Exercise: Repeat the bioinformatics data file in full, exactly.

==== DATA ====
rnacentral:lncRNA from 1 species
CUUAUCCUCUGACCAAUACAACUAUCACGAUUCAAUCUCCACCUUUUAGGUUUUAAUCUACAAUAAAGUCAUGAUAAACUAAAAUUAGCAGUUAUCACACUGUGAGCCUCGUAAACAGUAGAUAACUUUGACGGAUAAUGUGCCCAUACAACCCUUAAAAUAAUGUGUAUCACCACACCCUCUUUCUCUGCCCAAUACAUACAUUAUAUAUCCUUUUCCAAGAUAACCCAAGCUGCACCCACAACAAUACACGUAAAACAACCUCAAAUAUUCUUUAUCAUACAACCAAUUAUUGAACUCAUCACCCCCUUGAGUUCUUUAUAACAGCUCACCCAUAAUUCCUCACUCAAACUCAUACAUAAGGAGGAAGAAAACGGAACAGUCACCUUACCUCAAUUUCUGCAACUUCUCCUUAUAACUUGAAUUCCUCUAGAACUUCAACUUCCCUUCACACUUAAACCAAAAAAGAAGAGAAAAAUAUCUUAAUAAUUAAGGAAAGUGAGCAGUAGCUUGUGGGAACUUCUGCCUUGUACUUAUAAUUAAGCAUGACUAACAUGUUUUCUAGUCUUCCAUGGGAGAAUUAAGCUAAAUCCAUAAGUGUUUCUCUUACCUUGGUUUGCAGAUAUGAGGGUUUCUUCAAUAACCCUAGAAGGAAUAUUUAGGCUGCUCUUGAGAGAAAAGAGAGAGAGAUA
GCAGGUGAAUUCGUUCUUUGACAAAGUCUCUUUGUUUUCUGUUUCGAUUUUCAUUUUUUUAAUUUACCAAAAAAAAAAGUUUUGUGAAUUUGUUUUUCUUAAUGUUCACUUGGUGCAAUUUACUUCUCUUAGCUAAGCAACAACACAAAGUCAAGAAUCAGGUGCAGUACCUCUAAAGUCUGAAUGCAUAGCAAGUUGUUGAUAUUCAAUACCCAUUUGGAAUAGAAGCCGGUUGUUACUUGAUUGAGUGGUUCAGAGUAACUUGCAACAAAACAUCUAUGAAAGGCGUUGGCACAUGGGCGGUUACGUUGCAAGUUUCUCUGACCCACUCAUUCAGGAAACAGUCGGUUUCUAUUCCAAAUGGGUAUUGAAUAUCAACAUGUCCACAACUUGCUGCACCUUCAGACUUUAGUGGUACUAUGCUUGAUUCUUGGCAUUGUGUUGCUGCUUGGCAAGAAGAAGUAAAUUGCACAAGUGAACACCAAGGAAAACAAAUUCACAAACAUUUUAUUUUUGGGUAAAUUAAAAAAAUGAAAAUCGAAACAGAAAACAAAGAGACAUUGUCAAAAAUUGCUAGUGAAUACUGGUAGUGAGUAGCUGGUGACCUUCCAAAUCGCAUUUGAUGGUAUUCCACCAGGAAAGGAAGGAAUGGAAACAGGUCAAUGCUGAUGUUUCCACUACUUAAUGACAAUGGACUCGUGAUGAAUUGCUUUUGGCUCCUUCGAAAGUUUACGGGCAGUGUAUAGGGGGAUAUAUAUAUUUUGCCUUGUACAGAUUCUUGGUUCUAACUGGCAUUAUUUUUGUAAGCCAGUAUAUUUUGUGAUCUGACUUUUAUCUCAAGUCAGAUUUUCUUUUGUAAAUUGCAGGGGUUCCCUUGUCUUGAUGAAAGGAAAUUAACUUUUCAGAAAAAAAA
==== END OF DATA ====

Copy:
rnacentral:lncRNA from 1 species
CUUAUCCUCUGACCAAUACAACUAUCACGAUUCAAUCUCCACCUUUUAGGUUUUAAUCUACAAUAAAGUCAUGAUAAACUAAAAUUAGCAGUUAUCACACUGUGAGCCUCGUAAACAGUAGAUAACUUUGACGGAUAAUGUGCCCAUACAACCCUUAAAAUAAUGUGUAUCACCACACCCUCUUUCUCUGCCCAAUACAUACAUUAUAUAUCCUUUUCCAAGAUAACCCAAGCUGCACCCACAACAAUACACGUAAAACAACCUCAAAUAUUCUUUAUCAUACAACCAAUUAUUGAACUCAUCACCCCCUUGAGUUCUUUAUAACAGCUCACCCAUAAUUCCUCACUCAAACUCAUACAUAAGGAGGAAGAAAACGGAACAGUCACCUUACCUCAAUUUCUGCAACUUCUCCUUAUAACUUGAAUUCCUCUAGAACUUCAACUUCCCUUCACACUUAAACCAAAAAAGAAGAGAAAAAUAUCUUAAUAAUUAAGGAAAGUGAGCAGUAGCUUGUGGGAACUUCUGCCUUGUACUUAUAAUUAAGCAUGACUAACAUGUUUUCUAGUCUUCCAUGGGAGAAUUAAGCUAAAUCCAUAAGUGUUUCUCUUACCUUGGUUUGCAGAUAUGAGGGUUUCUUCAAUAACCCUAGAAGGAAUAUUUAGGCUGCUCUUGAGAGAAAAGAGAGAGAGAUA
GCAGGUGAAUUCGUUCUUUGACAAAGUCUCUUUGUUUUCUGUUUCGAUUUUCAUUUUUUUAAUUUACCAAAAAAAAAAGUUUUGUGAAUUUGUUUUUCUUAAUGUUCACUUGGUGCAAUUUACUUCUCUUAGCUAAGCAACAACACAAAGUCAAGAAUCAGGUGCAGUACCUCUAAAGUCUGAAUGCAUAGCAAGUUGUUGAUAUUCAAUACCCAUUUGGAAUAGAAGCCGGUUGUUACUUGAUUGAGUGGUUCAGAGUAACUUGCAACAAAACAUCUAUGAAAGGCGUUGGCACAUGGGCGGUUACGUUGCAAGUUUCUCUGACCCACUCAUUCAGGAAACAGUCGGUUUCUAUUCCAAAUGGGUAUUGAAUAUCAACAUGUCCACAACUUGCUGCACCUUCAGACUUUAGUGGUACUAUGCUUGAUUCUUGGCAUUGUGUUGCUGCUUGGCAAGAAGAAGUAAAUUGCACAAGUGAACACCAAGGAAAACAAAUUCACAAACAUUUUAUUUUUGGGUAAAUUAAAAAAAUGAAAAUCGAAACAGAAAACAAAGAGACAUUGUCAAAAAUUGCUAGUGAAUACUGGUAGUGAGUAGCUGGUGACCUUCCAAAUCGCAUUUGAUGGUAUUCCACCAGGAAAGGAAGGAAUGGAAACAGGUCAAUGCUGAUGUUUCCACUACUUAAUGACAAUGGACUCGUGAUGAAUUGCUUUUGGCUCCUUCGAAAGUUUACGGGCAGUGUAUAGGGGGAUAUAUAUAUUUUGCCUUGUACAGAUUCUUGGUUCUAACUGGCAUUAUUUUUGUAAGCCAGUAUAUUUUGUGAUCUGACUUUUAUCUCAAGUCAGAUUUUCUUUUGUAAAUUGCAGGGGUUCCCUUGUCUUGAUGAAAGGAAAUUAACUUUUCAGAAAAAAAA